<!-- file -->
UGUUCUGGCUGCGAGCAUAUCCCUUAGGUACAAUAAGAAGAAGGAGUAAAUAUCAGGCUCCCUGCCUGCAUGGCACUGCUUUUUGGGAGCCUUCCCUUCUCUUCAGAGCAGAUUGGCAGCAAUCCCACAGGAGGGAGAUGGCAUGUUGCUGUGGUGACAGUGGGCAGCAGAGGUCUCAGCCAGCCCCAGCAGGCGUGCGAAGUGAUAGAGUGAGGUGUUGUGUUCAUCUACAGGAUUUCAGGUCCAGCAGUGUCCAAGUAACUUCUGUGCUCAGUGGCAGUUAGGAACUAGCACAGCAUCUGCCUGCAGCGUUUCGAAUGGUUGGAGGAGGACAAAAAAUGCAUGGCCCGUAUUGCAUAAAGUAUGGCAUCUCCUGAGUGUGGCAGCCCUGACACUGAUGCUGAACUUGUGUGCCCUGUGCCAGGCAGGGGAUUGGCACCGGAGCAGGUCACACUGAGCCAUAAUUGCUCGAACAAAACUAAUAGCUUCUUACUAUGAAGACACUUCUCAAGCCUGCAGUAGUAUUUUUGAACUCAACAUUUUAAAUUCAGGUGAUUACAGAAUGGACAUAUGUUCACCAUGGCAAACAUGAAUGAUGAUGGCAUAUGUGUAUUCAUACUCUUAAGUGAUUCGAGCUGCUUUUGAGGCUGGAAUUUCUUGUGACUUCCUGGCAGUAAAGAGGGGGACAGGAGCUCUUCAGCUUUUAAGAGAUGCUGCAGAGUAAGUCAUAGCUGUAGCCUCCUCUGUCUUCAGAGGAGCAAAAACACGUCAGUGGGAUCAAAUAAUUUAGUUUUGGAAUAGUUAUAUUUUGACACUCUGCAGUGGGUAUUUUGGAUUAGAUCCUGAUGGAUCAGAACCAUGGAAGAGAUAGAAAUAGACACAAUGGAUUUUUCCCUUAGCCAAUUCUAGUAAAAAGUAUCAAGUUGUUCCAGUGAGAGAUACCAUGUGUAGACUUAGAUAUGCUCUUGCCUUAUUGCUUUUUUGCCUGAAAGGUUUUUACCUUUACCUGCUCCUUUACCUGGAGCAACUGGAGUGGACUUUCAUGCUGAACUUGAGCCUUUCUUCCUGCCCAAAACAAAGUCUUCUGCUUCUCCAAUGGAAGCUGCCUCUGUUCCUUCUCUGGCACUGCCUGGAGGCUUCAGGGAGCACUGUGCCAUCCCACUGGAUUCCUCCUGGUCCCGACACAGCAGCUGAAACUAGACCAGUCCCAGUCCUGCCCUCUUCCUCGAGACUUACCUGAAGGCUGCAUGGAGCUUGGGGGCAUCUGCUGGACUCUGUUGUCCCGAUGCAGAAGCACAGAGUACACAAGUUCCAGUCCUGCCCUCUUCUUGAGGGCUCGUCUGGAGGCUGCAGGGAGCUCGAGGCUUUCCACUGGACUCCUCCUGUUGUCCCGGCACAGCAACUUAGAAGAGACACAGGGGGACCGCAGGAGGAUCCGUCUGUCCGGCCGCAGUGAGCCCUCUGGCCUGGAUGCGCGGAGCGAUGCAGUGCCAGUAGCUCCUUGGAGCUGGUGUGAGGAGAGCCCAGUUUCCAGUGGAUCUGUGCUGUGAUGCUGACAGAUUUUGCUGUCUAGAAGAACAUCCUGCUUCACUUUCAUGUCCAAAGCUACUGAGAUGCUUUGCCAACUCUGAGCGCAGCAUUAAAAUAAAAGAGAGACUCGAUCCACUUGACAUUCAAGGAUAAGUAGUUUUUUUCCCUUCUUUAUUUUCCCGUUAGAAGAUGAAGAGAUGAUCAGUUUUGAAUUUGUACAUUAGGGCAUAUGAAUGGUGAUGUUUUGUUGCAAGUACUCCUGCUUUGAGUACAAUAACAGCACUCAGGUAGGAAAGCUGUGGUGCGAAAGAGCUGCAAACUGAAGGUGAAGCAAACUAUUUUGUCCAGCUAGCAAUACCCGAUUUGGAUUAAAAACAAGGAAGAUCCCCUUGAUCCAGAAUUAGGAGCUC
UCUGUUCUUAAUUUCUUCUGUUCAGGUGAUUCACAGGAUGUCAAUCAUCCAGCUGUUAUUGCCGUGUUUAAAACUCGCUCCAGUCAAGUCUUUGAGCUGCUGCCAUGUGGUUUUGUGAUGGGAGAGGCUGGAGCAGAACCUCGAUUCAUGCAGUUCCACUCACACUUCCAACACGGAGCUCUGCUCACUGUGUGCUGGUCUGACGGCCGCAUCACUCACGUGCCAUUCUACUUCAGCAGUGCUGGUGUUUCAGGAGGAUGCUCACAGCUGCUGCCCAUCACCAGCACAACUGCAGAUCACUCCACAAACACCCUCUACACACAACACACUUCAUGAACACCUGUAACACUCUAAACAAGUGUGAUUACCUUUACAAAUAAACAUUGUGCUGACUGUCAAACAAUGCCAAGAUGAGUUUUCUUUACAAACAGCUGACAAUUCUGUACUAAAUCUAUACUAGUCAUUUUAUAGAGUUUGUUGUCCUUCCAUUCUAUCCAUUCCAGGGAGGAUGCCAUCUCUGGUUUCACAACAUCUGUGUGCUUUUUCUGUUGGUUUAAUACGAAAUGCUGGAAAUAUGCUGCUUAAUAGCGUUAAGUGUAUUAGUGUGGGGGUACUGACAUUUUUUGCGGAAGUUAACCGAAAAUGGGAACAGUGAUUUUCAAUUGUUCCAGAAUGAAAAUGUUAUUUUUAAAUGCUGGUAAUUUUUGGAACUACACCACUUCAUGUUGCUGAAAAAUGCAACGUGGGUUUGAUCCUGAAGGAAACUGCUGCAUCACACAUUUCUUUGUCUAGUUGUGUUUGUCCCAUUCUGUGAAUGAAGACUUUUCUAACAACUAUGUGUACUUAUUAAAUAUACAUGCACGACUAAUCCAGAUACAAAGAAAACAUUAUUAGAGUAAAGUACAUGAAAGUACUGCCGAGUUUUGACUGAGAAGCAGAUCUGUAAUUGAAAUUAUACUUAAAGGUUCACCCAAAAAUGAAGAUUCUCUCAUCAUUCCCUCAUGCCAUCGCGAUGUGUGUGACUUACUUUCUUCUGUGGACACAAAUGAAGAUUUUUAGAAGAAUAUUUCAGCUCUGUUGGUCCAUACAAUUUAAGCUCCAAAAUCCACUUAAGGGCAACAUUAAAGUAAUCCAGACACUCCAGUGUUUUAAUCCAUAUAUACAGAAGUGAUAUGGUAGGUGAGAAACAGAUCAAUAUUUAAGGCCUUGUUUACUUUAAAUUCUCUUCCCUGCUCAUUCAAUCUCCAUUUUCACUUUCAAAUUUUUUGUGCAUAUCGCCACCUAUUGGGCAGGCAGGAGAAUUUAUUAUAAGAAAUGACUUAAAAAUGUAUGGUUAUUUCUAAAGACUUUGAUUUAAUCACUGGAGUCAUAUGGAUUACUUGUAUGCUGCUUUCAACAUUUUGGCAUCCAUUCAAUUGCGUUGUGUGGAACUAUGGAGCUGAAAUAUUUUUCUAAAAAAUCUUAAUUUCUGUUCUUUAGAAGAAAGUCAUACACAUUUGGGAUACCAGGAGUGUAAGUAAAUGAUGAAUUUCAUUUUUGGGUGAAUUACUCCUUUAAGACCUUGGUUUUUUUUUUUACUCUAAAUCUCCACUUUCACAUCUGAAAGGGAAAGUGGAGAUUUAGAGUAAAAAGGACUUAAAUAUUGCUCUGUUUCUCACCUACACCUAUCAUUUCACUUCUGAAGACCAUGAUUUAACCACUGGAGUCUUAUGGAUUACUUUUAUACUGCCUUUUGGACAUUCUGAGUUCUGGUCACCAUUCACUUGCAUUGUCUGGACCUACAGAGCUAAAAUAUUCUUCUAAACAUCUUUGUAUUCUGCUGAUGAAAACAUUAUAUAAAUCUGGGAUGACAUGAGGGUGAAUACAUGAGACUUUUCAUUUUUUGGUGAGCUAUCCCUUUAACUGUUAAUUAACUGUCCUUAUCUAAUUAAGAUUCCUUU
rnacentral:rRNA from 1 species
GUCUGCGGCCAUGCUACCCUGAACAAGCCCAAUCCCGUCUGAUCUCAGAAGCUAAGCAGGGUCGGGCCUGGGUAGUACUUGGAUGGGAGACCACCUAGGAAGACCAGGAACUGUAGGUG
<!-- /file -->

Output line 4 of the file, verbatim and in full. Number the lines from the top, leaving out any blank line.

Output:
GUCUGCGGCCAUGCUACCCUGAACAAGCCCAAUCCCGUCUGAUCUCAGAAGCUAAGCAGGGUCGGGCCUGGGUAGUACUUGGAUGGGAGACCACCUAGGAAGACCAGGAACUGUAGGUG